Upon graduation, many North American students tend to be lacking in a true work ethic. I am not taking a shot at students here, just stating a fact. Heck, I was in the same boat a long time ago. Further, I was probably the guy sitting in the boat with his feet up, drinking a beer, while the others rowed the boat.

Reality was quite the awakening for me.

If you want to succeed in the business world, be prepared to pick up the pace from day one.

Find a Business Role Model

Second, many students do not have business role models from whom to learn a proper work ethic. I would suggest that you attempt to find people currently employed in industries or functions that you are interested in pursuing. Then talk with them and find out what it really takes to excel.

This is why you see relatives of professional athletes do well in sports themselves. Yes, there is a genetic component. But by being around others that have succeeded, learning from their successes and mistakes, and following a similar path, the relatives have a better chance of success themselves.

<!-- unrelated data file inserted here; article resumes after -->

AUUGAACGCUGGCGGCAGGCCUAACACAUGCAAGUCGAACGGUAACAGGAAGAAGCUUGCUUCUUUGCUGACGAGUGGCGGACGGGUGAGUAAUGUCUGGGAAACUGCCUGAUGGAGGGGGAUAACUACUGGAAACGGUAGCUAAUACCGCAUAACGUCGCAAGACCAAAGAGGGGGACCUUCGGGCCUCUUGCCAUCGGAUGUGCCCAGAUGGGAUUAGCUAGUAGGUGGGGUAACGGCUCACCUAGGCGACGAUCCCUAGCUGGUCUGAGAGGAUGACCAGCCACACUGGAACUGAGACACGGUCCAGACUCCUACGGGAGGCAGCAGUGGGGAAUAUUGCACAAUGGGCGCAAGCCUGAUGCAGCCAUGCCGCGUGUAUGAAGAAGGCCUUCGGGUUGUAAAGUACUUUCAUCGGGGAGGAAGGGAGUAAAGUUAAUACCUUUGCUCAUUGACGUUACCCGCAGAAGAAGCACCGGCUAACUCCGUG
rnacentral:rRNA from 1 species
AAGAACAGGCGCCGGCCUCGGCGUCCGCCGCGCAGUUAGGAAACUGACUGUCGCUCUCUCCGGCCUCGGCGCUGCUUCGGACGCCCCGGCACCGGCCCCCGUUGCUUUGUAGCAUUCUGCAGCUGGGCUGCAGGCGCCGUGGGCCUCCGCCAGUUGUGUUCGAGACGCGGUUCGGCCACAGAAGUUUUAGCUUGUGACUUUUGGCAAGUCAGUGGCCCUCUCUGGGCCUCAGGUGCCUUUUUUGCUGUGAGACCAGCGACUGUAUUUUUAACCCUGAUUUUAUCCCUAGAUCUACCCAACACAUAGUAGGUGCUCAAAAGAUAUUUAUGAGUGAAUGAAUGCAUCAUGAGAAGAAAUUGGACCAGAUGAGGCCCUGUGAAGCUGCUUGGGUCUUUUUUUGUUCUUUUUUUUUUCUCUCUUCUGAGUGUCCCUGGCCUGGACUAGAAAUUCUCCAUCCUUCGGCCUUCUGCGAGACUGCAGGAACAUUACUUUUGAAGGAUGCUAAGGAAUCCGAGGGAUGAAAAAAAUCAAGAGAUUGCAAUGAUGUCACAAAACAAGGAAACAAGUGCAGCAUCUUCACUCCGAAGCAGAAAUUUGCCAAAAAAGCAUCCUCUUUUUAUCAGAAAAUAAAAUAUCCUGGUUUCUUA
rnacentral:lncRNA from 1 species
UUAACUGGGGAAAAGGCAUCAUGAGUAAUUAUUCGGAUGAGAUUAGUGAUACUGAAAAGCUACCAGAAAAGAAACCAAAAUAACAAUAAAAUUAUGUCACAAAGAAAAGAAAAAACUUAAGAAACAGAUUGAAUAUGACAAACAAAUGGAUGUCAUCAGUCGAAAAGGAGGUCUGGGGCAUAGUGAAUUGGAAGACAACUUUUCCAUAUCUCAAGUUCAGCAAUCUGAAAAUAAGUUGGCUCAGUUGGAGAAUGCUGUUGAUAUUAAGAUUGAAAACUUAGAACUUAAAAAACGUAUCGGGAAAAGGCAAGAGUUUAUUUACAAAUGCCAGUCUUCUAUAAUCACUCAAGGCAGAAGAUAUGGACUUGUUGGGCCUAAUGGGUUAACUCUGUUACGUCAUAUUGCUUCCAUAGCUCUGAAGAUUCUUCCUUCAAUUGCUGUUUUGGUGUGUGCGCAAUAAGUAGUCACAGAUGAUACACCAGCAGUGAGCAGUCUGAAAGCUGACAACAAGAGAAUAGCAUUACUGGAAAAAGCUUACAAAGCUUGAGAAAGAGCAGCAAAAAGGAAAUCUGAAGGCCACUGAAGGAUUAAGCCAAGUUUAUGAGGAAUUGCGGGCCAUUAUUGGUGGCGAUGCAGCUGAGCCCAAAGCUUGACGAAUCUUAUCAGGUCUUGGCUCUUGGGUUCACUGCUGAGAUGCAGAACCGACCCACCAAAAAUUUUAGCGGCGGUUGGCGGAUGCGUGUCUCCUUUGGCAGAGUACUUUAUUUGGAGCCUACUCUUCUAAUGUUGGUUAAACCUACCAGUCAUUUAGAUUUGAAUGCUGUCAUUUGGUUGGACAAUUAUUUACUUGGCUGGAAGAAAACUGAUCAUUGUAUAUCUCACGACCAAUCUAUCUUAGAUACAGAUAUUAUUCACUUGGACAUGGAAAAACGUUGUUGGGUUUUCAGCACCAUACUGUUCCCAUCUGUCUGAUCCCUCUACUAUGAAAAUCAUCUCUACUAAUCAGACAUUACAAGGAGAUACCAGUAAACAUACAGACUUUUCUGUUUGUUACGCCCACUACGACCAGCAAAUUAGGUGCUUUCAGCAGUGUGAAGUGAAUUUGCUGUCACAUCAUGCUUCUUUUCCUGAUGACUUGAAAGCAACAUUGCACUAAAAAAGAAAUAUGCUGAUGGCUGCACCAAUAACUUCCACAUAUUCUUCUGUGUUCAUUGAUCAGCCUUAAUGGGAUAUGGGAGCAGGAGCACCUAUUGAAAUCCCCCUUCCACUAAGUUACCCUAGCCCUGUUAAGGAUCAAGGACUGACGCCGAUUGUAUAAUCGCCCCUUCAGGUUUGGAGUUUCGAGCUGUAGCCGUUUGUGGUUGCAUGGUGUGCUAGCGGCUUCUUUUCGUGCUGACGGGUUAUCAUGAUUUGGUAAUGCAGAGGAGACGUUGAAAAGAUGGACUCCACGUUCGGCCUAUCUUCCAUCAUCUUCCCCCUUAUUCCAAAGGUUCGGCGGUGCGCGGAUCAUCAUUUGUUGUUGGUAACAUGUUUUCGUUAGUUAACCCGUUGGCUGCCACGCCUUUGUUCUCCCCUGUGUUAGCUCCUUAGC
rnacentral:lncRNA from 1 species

It is very important to have a proper idea of what it takes to succeed in the business world.

As you read this blog, hopefully I can provide advice on ways to achieve success. But seek guidance from as many sources as you can find. While I may like to think so, I am not infallible.

If you do not know anyone who can help you, check out Amazon. Many self-help gurus espouse a philosophy of modelling one’s actions after those one wishes to emulate.

I believe Stephen Covey was one of the first with The 7 Habits of Highly Successful People. Today, Tony Robbins is quite popular. Mr. Robbins takes a much more detailed modelling approach than Mr. Covey. In between, there are many others that teach people to model their behaviour after successful people.